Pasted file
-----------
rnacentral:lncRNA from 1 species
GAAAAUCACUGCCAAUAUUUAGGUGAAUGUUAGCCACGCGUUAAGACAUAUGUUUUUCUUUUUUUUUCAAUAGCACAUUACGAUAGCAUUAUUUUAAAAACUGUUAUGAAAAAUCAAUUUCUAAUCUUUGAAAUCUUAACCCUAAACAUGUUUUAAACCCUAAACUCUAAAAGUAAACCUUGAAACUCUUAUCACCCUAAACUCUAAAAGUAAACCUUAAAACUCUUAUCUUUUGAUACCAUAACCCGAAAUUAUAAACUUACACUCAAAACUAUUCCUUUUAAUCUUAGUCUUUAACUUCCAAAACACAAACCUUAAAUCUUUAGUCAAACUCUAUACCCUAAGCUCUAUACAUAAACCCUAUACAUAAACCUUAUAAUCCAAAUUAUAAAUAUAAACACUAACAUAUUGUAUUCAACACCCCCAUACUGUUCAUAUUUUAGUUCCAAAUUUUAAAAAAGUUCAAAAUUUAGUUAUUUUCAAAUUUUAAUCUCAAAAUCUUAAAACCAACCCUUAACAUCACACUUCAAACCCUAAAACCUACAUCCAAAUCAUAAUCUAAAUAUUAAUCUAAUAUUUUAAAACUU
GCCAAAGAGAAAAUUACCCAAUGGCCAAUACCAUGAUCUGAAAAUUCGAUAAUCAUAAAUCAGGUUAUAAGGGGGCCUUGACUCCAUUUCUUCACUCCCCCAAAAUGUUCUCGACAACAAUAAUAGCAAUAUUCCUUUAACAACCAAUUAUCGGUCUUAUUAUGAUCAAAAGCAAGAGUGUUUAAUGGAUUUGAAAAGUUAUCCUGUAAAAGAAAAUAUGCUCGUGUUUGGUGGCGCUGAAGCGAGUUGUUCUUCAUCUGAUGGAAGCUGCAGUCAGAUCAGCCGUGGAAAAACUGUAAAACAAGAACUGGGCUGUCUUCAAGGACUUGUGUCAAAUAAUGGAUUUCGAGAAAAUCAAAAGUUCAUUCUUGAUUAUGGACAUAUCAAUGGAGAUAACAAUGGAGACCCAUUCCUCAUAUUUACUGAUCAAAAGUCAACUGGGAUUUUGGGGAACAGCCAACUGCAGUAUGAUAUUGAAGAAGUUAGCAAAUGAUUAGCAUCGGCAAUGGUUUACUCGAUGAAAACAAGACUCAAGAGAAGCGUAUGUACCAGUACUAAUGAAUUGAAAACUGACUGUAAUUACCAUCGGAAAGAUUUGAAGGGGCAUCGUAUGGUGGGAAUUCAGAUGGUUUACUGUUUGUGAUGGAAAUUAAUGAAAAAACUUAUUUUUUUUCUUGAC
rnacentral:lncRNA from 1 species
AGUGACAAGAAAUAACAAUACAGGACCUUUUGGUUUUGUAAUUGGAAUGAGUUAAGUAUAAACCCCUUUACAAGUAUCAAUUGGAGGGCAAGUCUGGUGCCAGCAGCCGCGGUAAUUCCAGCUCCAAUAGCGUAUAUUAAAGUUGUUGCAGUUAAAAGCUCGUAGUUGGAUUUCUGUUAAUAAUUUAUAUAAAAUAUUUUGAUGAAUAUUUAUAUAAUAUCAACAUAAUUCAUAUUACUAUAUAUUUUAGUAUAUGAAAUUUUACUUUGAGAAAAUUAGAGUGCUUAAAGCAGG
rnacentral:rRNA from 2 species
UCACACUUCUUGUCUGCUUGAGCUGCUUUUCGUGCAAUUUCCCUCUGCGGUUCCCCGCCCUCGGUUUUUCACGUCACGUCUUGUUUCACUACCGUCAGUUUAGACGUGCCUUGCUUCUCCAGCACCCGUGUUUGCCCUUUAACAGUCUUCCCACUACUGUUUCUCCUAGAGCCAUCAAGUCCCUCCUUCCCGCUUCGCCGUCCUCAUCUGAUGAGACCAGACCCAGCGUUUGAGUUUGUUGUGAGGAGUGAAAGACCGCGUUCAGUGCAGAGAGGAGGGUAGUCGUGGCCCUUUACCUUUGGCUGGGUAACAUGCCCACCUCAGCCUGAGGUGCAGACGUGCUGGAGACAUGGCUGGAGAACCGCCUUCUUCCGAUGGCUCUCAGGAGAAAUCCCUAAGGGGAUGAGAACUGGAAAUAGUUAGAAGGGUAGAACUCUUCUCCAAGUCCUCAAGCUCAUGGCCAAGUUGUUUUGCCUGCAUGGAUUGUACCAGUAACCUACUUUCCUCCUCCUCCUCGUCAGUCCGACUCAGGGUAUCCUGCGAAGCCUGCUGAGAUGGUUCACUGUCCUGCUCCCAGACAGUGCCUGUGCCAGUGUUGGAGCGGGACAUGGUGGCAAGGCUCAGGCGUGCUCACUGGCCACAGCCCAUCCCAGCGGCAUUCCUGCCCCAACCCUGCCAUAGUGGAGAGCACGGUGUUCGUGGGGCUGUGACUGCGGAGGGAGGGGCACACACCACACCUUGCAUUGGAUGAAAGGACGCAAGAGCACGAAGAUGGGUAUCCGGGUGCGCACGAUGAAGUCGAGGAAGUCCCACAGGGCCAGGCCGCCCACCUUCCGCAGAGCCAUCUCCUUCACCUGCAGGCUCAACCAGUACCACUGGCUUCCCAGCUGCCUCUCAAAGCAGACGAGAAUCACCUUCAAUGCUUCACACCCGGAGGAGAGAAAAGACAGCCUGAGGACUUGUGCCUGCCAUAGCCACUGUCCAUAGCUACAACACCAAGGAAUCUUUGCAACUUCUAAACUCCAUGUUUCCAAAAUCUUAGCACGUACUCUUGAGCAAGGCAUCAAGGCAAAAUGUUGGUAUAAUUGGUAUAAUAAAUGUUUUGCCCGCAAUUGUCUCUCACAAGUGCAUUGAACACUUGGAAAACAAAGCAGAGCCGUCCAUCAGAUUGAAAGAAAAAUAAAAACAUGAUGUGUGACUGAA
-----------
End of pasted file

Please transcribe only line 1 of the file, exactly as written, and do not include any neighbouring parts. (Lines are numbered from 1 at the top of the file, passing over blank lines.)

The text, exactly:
rnacentral:lncRNA from 1 species